However, at Purim, the miracle of Purim wasn’t so open, nor so obvious. As the B’nei Yissaschar (מאמרי חודש אדר, מאמר ה׳) says, the miracle was “clothed” in nature. Indeed, it was dressed in a sequence of events, happenings, and one thing leading to the next. Says R’ Friedlander, by Purim the Jews had to invest their own human effort and free will to see Hashem’s providence and how it was He Who brought out the miracle. They had to utilize their own free will to contemplate and realize Hashem’s love and care for them, and therefore, only now did they want to accept the Torah.

Based on this we can explain why by Purim the Jews wanted the toil and exertion of Torah study. Doing mitzvot and keeping halacha is adhering to Hashem’s Will, and shows our loyalty and faith.

However, the process of the Gemara is one that develops our minds and hearts to be able to perceive (each on our own level) the wisdom of Hashem Himself, how Hashem “thinks,” and how we can get to know Him. In fact, the Midrash in Teruma (S”R 33:1) writes that Hashem said He “sold” us the Torah, and that he sold Himself with it. The Zohar says that “Hashem and the Torah are one,” and hence, the Nefesh Hachaim (4:10) writes that when one is absorbed in Torah study, he becomes attached to Hashem.

Therefore, when we give ourselves—our time, energy, etc.—to strive and strain to understand the wisdom of Hashem, this demonstrates our love for Hashem, as if we’re saying, “Hashem, I want to get to know about You and Your Will more and more.” Indeed, the Tanchuma writes that only someone who loves Hashem entirely engages in this study (ibid). For when you love someone, even something difficult can be greatly enjoyable. By Purim we made the effort to see Hashem’s providence and love for us, which translated into our love for Him. Therefore, specifically now (as opposed to Matan Torah) did we want to accept the Gemara willingly despite the challenge it may present, in order to get to know Hashem more.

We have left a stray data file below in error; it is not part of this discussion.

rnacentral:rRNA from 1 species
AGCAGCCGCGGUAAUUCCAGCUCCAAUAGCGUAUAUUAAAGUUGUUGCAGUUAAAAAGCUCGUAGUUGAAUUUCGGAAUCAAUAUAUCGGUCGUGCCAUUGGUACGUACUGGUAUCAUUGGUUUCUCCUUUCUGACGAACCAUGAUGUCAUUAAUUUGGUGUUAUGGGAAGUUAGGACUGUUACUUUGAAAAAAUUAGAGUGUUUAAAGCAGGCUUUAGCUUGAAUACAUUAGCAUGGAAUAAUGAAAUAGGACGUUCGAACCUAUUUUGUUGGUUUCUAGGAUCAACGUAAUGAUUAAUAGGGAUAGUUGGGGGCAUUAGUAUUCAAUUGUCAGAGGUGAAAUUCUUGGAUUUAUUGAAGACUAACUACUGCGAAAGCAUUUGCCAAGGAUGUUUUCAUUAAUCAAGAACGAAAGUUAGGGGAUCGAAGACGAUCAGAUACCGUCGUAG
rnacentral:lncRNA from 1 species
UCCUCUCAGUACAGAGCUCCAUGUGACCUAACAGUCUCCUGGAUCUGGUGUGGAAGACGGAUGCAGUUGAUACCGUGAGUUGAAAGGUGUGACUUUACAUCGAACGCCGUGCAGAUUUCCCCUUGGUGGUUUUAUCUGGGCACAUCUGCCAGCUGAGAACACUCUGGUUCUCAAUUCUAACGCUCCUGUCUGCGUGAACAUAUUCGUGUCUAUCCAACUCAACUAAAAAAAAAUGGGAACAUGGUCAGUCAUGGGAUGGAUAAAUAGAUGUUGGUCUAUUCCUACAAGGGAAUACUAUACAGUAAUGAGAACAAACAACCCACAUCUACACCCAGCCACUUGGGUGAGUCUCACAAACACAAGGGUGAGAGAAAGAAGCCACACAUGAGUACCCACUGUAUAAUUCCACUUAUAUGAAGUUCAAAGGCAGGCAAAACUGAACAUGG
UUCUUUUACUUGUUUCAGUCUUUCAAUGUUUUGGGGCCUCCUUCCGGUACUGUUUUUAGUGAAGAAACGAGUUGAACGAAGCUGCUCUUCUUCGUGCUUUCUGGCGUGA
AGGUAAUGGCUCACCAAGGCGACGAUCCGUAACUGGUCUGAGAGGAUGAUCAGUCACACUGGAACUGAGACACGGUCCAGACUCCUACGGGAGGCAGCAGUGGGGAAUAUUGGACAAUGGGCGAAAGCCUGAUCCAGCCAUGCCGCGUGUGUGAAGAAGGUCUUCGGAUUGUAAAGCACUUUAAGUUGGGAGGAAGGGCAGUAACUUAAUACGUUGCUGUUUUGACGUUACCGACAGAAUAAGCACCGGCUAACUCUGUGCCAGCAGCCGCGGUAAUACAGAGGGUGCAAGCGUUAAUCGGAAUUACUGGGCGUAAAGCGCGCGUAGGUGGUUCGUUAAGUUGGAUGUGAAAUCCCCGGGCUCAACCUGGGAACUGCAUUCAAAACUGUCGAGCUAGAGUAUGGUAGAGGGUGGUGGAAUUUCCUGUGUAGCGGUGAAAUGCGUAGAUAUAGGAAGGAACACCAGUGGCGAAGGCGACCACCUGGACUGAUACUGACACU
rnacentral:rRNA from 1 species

If anyone would be asked what the holiest day of the year is, one may easily say Yom Kippur. Certainly, after many days of teshuva, working on ourselves, coming close to Hashem—we then come to Yom Kippur, a day of abstinence from physically nourishing our bodies, and instead absorbing our souls in the holiness of the day. Yet, the Arizal notes that Yom Kippur can actually be read as an acronym of “yom” [a day], “ki” [which is like], “pur” [purim]. Essentially, it’s only like Purim. Hence, the level one can reach on Purim can actually be higher than what one can reach on Yom Kippur. How and why?

If anything, Purim seems to be a day of much physicality—eating, drinking, gifts, etc. Even the spiritual activities seem quantitatively far less than Yom Kippur! Yet, based on the above, Purim marks our own efforts and desire to recognize Hashem, and the love that was born from this self-made understanding led us to accept the entirety of Torah with love, for we genuinely desired and were willing to give of ourselves in order to know more of Hashem. Yom Kippur is a day of awe of Hashem, but Purim is a day of love for Hashem. Perhaps then, is Yom Kippur only like Purim.


Binyamin Benji can be reached at [email protected]